Cake And Buttercream Recipes Needed For A Diabetic.

Baking By Vanessa7 Updated 11 Aug 2011 , 10:50pm by elizaBakes

Vanessa7 Posted 22 Mar 2011 , 3:02am
post #1 of 13

I have a request for a mother's day cake for a family full of diabetics. What would I substitute for powdered sugar in b.c.? Could I just substitute splenda in the WASC recipe? If not, does anyone have a good cake (vanilla) and buttercream recipe for diabetics? I've tried to search recipes here on CC but have come up short and would really appreciate your advice and help. Thanks!

12 replies
Vanessa7 Posted 22 Mar 2011 , 10:47am
post #2 of 13

Anyone baked cakes for diabetics that would be willing to direct me to good recipes? Please? icon_biggrin.gif

caymancake Posted 23 Mar 2011 , 3:52am
post #3 of 13

I use the splenda yellow cake recipe which is on the bag. For icing, I use 1 pint of heavy whipping cream, 16 oz of cream cheese, 1 pk of sugar free vanilla pudding and 3 tbsp of splenda. Whip the whipping cream until soft peaks form. Add the remaining ingredients and beat until light and fluffy. Hope that helps!

sebrina Posted 23 Mar 2011 , 4:14am
post #4 of 13

I spent years as the assistant for one of the top diabetes educators in the nation. Just so you know, it's carbs in general that raise blood sugar. Not just sugar. The least carbs is going to be in a cheesecake made with Splenda without any crust. Now the decorator in me says icon_cry.gif when someone wants a cheesecake. But I recently discovered that it is possible to decorate without any icing. I can use fondant decorations & cover an entire cake! icon_smile.gif
All of that being said, any person with diabetes knows that the key to good control is moderation. And everyone needs a piece of cake! thumbs_up.gif

HTH!

Vanessa7 Posted 23 Mar 2011 , 4:43am
post #5 of 13

Sebrina, I wish it were that easy to just make a cheesecake. However, they want a "real" cake. How do you keep the fondant adhered to the cake if you don't have bc or ganache underneath?

Caymancake, Thank you for your help and recipes. I'm assuming the icing is non-crusting right? Is it stable enough to decorate with?

caymancake Posted 23 Mar 2011 , 11:56am
post #6 of 13
Quote:
Originally Posted by Vanessa7

Sebrina, I wish it were that easy to just make a cheesecake. However, they want a "real" cake. How do you keep the fondant adhered to the cake if you don't have bc or ganache underneath?

Caymancake, Thank you for your help and recipes. I'm assuming the icing is non-crusting right? Is it stable enough to decorate with?




It's stable enough to ice and do simple decorations like borders and writing. The key is to make sure your bowl and paddles are cold. I refrigerate to help it set up and I also keep the frosting in the fridge in between icings to make sure it stays stable. It actually tastes ok -not too artificial tasting at all.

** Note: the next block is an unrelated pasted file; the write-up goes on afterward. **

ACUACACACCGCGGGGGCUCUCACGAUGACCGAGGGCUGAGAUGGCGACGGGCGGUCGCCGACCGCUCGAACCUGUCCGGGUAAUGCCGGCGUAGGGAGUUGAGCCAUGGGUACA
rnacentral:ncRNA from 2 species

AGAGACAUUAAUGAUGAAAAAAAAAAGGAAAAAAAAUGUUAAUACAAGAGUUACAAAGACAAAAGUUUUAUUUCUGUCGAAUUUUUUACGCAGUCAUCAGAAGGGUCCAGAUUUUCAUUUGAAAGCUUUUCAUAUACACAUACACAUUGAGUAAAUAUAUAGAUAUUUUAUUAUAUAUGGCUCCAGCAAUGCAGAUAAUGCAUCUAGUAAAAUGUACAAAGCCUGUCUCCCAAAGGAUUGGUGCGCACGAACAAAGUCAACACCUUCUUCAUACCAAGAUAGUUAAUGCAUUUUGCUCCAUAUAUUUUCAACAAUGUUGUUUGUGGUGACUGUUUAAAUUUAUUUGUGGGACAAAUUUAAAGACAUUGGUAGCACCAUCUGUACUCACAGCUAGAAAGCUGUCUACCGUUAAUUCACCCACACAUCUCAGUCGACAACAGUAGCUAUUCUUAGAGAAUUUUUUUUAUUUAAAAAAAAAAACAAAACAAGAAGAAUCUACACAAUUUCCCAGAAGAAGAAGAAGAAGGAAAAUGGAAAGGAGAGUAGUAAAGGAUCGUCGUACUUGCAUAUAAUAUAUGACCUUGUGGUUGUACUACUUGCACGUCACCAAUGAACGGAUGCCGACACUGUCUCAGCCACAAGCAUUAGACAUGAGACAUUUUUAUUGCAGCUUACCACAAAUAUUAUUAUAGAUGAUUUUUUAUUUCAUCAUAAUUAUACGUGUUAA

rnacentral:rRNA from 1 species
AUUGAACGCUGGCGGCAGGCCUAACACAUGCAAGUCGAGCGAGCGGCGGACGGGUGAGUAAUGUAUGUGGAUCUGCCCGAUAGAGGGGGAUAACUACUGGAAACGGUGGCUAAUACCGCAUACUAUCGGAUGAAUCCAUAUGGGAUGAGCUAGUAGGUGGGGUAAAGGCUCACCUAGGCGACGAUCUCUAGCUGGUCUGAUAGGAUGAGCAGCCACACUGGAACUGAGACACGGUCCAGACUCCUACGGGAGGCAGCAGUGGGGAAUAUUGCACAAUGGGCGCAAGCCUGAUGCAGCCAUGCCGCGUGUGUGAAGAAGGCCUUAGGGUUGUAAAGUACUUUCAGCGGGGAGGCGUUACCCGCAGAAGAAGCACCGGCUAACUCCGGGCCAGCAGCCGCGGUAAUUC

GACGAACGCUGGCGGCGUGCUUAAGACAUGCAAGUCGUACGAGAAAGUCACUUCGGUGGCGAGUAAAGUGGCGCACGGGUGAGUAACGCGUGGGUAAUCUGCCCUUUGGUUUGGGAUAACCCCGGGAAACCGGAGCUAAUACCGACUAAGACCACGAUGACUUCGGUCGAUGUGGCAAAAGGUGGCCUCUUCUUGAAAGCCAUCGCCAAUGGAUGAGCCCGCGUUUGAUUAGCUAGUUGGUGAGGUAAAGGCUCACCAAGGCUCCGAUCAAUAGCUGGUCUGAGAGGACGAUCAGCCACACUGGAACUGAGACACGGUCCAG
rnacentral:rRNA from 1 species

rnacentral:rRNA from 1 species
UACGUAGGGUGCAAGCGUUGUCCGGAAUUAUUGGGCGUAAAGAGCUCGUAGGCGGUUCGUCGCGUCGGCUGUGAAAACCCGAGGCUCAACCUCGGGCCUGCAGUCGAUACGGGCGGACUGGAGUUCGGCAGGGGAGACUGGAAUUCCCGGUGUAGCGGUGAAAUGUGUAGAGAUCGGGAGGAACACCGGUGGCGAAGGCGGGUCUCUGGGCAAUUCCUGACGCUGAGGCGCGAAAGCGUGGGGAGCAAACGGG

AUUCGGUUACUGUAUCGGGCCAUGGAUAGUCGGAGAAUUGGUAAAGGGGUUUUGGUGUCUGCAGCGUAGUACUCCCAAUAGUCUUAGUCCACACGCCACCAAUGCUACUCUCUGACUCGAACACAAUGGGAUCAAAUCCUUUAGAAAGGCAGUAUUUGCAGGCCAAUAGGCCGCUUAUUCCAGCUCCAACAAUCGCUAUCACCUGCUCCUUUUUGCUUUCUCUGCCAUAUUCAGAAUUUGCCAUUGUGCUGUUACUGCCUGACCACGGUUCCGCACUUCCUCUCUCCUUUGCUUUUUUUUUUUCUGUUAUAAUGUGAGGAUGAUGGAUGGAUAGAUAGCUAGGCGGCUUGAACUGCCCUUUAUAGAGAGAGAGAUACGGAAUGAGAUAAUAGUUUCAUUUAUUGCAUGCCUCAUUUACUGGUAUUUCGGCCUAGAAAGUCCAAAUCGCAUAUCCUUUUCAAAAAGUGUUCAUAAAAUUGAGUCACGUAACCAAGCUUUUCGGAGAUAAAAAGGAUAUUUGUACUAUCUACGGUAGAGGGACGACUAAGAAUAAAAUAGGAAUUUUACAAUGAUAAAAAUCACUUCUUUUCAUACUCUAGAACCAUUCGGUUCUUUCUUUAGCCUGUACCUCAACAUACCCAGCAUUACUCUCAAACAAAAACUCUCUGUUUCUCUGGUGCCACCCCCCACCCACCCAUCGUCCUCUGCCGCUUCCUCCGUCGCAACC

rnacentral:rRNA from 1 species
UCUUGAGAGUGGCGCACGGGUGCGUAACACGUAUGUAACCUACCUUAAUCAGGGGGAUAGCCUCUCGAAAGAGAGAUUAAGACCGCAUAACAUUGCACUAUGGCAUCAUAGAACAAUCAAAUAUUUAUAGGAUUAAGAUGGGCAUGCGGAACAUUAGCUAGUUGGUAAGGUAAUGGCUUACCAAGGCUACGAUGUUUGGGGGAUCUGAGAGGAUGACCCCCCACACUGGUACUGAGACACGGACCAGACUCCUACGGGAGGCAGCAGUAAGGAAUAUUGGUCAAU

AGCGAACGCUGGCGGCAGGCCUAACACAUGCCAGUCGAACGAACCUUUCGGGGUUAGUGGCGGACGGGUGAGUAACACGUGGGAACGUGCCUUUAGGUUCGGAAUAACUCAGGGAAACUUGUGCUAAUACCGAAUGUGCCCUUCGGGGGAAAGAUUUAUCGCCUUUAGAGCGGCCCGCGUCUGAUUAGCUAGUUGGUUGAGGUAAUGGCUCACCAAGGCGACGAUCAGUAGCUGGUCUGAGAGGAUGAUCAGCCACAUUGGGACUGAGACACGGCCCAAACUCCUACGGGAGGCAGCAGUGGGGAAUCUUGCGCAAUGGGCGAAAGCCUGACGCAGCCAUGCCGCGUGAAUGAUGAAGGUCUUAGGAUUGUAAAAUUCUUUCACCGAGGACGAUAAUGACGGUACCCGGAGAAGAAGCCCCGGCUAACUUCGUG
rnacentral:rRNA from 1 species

dzh115 Posted 5 Jul 2011 , 2:46am
post #7 of 13

I was at the grocery store today and found powder sugar substitute. It's called "Ideal Confectionery Low Calorie Sweetener". I have not tried it but it could be a very good alternative to regular powdered sugar.

chefandbaker Posted 21 Jul 2011 , 5:30pm
post #8 of 13

you could also try xyitol. Works great for SMBC/IMBC.

bakerliz Posted 21 Jul 2011 , 5:50pm
post #9 of 13
Quote:
Originally Posted by chefandbaker

you could also try xyitol. Works great for SMBC/IMBC.




My experience with xyitol is that it leaves a strange sort of "cold" feeling (I don't know how else to describe it) in your mouth...Do you get that with your recipe?

jason_kraft Posted 21 Jul 2011 , 5:55pm
post #10 of 13

Ideal sweetener is made with xylitol and sucralose (Splenda). We looked into xylitol for low-glycemic baking but unfortunately it has the side effect of acting like a laxative in many people.

We spend several months working on creating a traditional cake and frosting product for diabetics (our specialty is food allergies so this seemed like a natural side market) but in the end we couldn't come up with something we would be willing to charge money for. If I was diabetic I would rather have a few bites of regular cake instead of a normal-sized piece of low-glycemic cake.

chefandbaker Posted 11 Aug 2011 , 9:22pm
post #11 of 13

@bakerliz, I got the idea from here:
http://www.domestifluff.com/2009/04/sugar-free-swiss-meringue-buttercream/

I just had a cake tasting two weeks ago for a SF wedding cake and the bride had no complaints about this! She actually chose this frosting and a whipped chocolate ganache for her SF cakes.

I work with her too, and she didn't complain about any "effects" after the tasting.
icon_smile.gif

KathysCC Posted 11 Aug 2011 , 10:35pm
post #12 of 13

Have you asked them if they want a sugar-free cake? As a diabetic myself, I know that controlling blood sugar is about the carbs and not necessarily the sugar content. Any cake made with flour is full of carbs. Using sugar substitutes doesn't necessarily help that much. They may want a real cake. I'd definitely ask them first.

Also, you have to be careful with xylitol. Large amounts of that are rough on the intestional tract.

elizaBakes Posted 11 Aug 2011 , 10:50pm
post #13 of 13

My Father is diabetic and I COMPLETELY Agree with moderation & that everything turns into sugar eventually..carbs are the problem BUT-

Can I give you a cheap way out (im shaking my head at myself right now) Have you seen the Pillsbury brand cake box mix sugar free? comes in yellow and chocolate also brownies, I know its a box mix icon_sad.gif

Or, the Hershey's cocoa container has a chocolate cake recipe on it, we substituded the sugar for splenda (1 cup) and it turns out fantastic!
Frosting....I use a non-dairy based whipped cream called Pastry Pride/ Frostin' Pride. It's low in sugar contance and non-dairy so its safe to sit out and stable enough to decorate with

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